Thomas CarlyleThomas Carlyle (4 December 17955 February 1881) was a Scottish historian, satirical writer, essayist, translator, philosopher, mathematician, and teacher. In his book ''On Heroes, Hero-Worship, and The Heroic in History'' (1841), he argued that the actions of the "Great Man" play a key role in history, claiming that "the history of the world is but the biography of great men". Other major works include ''The French Revolution: A History'', 3 vols (1837) and ''The History of Friedrich II of Prussia, Called Frederick the Great,'' 6 vols (1858–65).
His 1837 history of ''The French Revolution'' was the inspiration for Charles Dickens' 1859 novel ''A Tale of Two Cities'', and remains popular today. Carlyle's 1836 ''Sartor Resartus'' is a notable philosophical novel.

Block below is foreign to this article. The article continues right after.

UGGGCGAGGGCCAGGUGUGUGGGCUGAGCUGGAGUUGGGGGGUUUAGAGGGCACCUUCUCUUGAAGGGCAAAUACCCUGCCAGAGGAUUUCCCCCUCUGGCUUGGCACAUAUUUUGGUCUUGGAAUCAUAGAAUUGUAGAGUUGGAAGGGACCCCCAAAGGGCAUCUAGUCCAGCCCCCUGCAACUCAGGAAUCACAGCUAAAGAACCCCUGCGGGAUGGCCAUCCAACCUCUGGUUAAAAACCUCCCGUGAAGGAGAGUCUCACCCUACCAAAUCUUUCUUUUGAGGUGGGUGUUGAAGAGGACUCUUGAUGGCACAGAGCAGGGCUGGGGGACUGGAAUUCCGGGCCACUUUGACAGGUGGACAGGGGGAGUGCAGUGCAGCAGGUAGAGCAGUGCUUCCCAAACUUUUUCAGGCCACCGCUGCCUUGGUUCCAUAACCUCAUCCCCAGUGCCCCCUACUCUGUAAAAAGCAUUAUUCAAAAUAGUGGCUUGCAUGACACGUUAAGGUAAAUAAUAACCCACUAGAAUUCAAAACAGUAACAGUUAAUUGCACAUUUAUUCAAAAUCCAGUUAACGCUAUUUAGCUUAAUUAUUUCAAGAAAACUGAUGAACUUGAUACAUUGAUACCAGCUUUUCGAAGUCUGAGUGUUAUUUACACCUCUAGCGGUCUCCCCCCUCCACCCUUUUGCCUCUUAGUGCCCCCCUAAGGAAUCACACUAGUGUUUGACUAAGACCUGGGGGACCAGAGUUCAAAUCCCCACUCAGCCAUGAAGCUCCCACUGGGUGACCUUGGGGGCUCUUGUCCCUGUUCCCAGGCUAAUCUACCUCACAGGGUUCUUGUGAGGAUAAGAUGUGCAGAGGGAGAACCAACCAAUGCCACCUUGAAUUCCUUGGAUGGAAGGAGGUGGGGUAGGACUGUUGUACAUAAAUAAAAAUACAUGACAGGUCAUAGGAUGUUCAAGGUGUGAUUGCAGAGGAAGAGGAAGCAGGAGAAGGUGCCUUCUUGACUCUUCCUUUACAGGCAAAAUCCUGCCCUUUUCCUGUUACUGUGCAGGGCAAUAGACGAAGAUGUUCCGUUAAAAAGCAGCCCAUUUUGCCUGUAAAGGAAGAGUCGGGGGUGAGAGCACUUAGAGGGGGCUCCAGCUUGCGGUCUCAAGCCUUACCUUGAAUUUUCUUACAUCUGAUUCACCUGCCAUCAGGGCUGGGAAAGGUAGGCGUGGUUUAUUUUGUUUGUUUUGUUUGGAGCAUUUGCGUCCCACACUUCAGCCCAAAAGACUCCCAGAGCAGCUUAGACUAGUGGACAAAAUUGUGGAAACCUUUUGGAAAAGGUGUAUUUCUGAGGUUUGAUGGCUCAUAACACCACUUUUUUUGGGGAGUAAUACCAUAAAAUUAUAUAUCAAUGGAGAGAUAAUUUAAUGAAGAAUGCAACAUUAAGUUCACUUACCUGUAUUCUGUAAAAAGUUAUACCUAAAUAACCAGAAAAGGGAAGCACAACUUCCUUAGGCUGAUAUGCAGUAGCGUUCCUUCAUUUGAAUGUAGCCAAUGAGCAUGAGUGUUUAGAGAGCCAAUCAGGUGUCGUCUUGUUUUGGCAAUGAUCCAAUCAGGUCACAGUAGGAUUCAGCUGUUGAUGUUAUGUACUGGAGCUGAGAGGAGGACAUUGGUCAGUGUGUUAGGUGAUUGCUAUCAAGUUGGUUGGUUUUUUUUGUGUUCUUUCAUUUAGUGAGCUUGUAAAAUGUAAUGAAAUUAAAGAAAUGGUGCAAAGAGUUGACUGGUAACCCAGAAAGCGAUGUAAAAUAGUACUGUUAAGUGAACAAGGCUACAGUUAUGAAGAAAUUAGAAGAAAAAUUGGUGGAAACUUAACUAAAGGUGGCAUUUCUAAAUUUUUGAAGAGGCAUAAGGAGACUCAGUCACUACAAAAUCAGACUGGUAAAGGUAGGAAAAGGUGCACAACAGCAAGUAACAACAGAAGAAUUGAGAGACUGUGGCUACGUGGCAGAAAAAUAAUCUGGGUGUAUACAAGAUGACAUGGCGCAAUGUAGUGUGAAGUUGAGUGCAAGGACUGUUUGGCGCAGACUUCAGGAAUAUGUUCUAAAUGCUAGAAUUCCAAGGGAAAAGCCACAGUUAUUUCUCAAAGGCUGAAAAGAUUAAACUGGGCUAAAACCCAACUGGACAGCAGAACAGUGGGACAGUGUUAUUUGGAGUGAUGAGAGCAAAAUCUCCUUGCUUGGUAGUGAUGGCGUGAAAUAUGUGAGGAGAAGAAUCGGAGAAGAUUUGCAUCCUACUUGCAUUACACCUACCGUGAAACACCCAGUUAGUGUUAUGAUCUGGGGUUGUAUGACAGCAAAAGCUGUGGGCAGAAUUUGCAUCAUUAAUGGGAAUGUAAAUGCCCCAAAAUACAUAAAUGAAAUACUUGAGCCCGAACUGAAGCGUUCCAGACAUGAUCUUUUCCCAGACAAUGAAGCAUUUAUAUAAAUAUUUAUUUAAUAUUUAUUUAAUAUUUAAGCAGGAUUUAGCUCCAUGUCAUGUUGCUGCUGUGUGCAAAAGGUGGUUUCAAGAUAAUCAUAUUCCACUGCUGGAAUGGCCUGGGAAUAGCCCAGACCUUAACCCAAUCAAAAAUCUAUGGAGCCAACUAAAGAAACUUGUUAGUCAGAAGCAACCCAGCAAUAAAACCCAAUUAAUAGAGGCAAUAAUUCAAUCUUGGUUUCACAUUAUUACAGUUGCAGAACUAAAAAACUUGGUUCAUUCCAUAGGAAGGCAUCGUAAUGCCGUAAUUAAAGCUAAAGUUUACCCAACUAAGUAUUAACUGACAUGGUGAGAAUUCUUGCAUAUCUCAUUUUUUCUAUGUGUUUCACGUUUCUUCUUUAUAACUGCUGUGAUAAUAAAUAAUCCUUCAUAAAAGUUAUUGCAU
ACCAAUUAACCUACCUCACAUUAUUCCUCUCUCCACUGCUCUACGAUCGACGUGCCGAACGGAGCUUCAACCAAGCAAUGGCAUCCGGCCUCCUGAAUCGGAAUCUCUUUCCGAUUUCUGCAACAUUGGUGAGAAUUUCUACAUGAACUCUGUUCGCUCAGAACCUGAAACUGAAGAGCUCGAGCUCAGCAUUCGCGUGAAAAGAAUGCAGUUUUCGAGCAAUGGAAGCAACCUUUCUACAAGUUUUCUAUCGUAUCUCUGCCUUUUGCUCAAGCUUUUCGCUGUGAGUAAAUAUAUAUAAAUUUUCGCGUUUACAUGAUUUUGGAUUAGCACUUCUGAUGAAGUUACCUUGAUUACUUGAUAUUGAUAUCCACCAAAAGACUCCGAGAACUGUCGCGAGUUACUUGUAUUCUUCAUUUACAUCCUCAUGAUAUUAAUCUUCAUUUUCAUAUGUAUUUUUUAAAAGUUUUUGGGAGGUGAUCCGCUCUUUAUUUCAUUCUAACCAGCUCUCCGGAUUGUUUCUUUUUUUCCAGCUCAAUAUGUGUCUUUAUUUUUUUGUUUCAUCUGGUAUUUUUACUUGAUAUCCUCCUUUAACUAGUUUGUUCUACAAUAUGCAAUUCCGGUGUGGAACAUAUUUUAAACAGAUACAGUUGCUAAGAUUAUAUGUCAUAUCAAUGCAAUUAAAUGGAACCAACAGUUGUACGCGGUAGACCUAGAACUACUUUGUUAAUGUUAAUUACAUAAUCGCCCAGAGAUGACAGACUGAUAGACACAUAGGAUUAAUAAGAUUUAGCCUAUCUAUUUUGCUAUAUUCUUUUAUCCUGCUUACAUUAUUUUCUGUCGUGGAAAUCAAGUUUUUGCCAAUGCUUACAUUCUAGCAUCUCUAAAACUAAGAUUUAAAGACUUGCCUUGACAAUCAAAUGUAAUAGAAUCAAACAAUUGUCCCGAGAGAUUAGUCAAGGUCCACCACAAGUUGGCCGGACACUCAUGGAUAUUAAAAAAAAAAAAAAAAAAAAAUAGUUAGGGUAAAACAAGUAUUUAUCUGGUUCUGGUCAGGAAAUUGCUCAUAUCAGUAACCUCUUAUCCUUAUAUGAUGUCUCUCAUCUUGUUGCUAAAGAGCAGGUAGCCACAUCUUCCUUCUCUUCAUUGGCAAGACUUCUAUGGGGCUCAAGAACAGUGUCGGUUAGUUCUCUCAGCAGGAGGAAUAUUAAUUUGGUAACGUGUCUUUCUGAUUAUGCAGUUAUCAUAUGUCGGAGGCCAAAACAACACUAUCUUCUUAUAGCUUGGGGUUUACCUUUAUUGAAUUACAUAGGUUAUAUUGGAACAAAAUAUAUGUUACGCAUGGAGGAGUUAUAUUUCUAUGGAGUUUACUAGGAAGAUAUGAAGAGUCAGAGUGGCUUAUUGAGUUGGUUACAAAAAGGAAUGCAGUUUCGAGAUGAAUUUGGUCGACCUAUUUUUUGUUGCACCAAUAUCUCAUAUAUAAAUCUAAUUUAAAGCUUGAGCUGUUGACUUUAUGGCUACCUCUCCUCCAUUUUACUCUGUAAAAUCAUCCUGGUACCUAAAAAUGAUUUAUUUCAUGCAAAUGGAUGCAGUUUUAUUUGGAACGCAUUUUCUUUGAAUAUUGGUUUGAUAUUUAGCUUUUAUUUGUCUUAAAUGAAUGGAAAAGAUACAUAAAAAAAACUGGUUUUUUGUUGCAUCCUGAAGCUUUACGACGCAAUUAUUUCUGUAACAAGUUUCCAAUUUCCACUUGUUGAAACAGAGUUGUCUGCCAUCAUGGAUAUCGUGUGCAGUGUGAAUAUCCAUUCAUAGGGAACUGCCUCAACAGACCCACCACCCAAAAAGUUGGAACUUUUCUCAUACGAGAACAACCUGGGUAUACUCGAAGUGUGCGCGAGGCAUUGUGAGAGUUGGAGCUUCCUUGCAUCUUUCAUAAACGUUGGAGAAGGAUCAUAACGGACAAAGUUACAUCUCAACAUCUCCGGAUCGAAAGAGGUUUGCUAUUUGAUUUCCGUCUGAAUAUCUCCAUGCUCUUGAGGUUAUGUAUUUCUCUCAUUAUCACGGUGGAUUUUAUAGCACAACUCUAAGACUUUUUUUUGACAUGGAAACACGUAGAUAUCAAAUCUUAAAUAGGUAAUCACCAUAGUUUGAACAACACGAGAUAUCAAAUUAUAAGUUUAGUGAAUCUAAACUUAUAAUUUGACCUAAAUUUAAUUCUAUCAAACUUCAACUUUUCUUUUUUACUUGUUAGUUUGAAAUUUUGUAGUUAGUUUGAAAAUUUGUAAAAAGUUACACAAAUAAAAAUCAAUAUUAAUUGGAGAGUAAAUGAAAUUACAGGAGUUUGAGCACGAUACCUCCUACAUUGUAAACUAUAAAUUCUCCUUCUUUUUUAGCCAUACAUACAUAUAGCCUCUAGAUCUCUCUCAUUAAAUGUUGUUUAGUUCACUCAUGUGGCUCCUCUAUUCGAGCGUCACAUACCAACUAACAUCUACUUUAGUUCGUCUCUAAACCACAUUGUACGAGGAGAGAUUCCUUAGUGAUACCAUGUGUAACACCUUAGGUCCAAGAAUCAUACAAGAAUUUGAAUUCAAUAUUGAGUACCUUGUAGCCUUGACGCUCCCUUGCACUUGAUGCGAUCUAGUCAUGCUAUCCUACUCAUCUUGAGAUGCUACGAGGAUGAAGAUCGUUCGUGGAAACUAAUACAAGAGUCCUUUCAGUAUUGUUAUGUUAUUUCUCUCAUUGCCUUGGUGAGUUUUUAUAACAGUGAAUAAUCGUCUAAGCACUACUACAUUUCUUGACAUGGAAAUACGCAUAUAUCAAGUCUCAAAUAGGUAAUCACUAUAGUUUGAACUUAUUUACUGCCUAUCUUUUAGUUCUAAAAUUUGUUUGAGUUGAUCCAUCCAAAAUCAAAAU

A noted polemicist, Carlyle coined the term "the dismal science" for economics, in his essay "Occasional Discourse on the Negro Question", which advocated for the reintroduction of slavery to the West Indies. He also wrote articles for the ''Edinburgh Encyclopaedia''.
Once a Christian, Carlyle lost his faith while attending the University of Edinburgh, later adopting a form of deism.
In mathematics, he is known for the Carlyle circle, a method used in quadratic equations and for developing ruler-and-compass constructions of regular polygons. Provided by Wikipedia